student life

How to mentally handle the dreaded S word: Stress

Whether you’re in the final death throes of your GCSEs or coming up to the concluding chapter of your dissertation, the next few months are going to signal one thing for you: stress.

Whether you’re in the final death throes of your GCSEs or coming up to the concluding chapter of your dissertation, the next few months are going to signal one thing for you: stress. Mammoth amounts of it in fact—you’re going to want to hide under your pillow, stuff your face with pizza and generally just weep all at the same time. Some of you may thrive on it and simply stroll through the following weeks with ease, but for a majority of you, it’s going to be a bit of a slog.

This all-consuming stress will wake you up sweating in the middle of the night, leave you looking awful during the day and make you run the remainder of your life on auto pilot. Your skin is going to go to pot, your hair will get greasy and you will either survive solely on coffee or sugar. And in some cases wine or your preferred alcoholic drink. Men and women alike,  you are not going to look your most attractive come hand in day and the enormous sense of relief of finally being free will outweigh the fact that none of you have probably showered for the last week. But until then, you need to know how to cope with this stress, not just physically but also mentally, because even if you haven’t cleansed and toned since the last full moon, you could risk putting all your previous hard work into jeopardy.

Change environment.

Staring at your laptop, revision notes or sketch book in the same room, at the same table all day, every day, is not going to keep you sane. It may work at the beginning, but you need to mix it up. You could try moving to the other side of the table, changing rooms or by completely swapping your location all together. And  don’t just choose somewhere where there will be other crazed students slapping away at their keyboards like the library or local coffee shop; go to the park, your aunt’s house, the Starbucks across town where the barista doesn’t know your favourite drinks order. This way you have new scenery; there are new people to watch, a view that isn’t just the wallpaper in your bedroom and most importantly, you would have got fresh air getting there.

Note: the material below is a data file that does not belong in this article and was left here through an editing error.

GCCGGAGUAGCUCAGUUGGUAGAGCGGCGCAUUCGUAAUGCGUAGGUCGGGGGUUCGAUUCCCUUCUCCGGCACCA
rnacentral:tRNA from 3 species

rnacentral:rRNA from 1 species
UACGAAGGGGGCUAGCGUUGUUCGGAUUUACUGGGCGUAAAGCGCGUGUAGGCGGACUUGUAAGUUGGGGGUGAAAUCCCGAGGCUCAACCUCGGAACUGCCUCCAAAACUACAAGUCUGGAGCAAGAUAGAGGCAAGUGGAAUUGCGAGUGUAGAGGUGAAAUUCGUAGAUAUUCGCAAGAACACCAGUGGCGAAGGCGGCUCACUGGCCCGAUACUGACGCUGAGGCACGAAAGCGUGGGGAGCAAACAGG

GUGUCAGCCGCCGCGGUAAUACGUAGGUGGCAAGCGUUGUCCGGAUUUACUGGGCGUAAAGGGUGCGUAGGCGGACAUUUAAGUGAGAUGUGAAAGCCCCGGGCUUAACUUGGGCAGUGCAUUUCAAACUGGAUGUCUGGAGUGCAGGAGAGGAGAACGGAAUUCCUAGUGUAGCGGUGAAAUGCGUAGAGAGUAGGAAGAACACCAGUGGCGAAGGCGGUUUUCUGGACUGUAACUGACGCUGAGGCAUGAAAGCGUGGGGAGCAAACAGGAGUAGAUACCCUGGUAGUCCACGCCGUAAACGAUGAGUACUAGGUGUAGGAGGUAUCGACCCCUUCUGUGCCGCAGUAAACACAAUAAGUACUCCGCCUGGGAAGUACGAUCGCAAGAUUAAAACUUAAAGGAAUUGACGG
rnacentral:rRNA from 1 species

So just go, pack up and leave and the headspace you get purely by changing the atmosphere you work in will be phenomenal.

Get your blood pumping.

The last thing you want to do when up to your eyes in revision is go to the gym; all those ripped, toned bodies just remind you of how lax your fitness routine has been lately. But going for a walk, a jog or even star jumps in your living room can make the world of difference when you’re stressing out.

Aerobic exercise releases endorphins, a pretty powerful chemical in your brain that can lift your spirits and make you feel more positive. It also helps improve your brainpower, so that chapter you couldn’t understand about photosynthesis might make all the more sense after a quick sprint round the block.

You will also find it gives you time to think and take stock on where you are going with your studies. You could think about where you want to study or work after your final exam or whether you want to change your chosen industry altogether. Doing 15-30 minutes of exercise isn’t just about those longed after endorphins or washboard abs, it’s a time in the day where you can zone out for a little bit and have some ‘you’ time. It’s corny, but you will ultimately feel refreshed and ready to tackle any problems thrown at you that day.

Look after yourself.

Furthermore, a great stress management strategy is to take time to look after you, and I’m not talking about an all-night bender down the pub the night before a final; going to the cinema, taking a long bath, listening to music really, really loud.

Relaxation mentally prepares yourself for handling stressful situations so it is the small things like this that will help you cope next time stress rears its ugly head.

Take perspective of the situation.          

You need to remember that there will be an end to your studies; exams will finish, your major project will be handed in. If there is one thing that is certain throughout the next couple of months it’s that your deadline will come and go.

Don’t read this and start freaking out, it is merely just a part of accepting your stress and after doing this you then have control of the situation. Telling yourself everything will be awful and you will never succeed will get you nowhere; make lists and tick them off, call it a day when you’re starting to nap on your textbook. The exam will stay take place, you will finish your coursework, accept the inevitable and life will deal you a kinder hand.

And if that doesn’t help…

Have something to look forward to after deadline day.

Book a spa day, cheap theatre tickets, meeting an old friend for coffee and cake, absolutely anything as long as it is after your deadline day, this way you can remind yourself that there is life after your course. It’s also important to do these things and touch base with people that aren’t doing the same degree/NVQ/BTEC as you, as they too will reiterate that there is more going on in life other than whether magazines will have a future in the digital age or how Bauhaus completely changed the future of architecture; it’s again about perspective and it’s the biggest tool you will need to master.

I wish you all the best of luck and see you on the other side.

What’s your tip on handling stress? Have your say and offer your suggestions in the comments section below, on Facebook or on Twitter.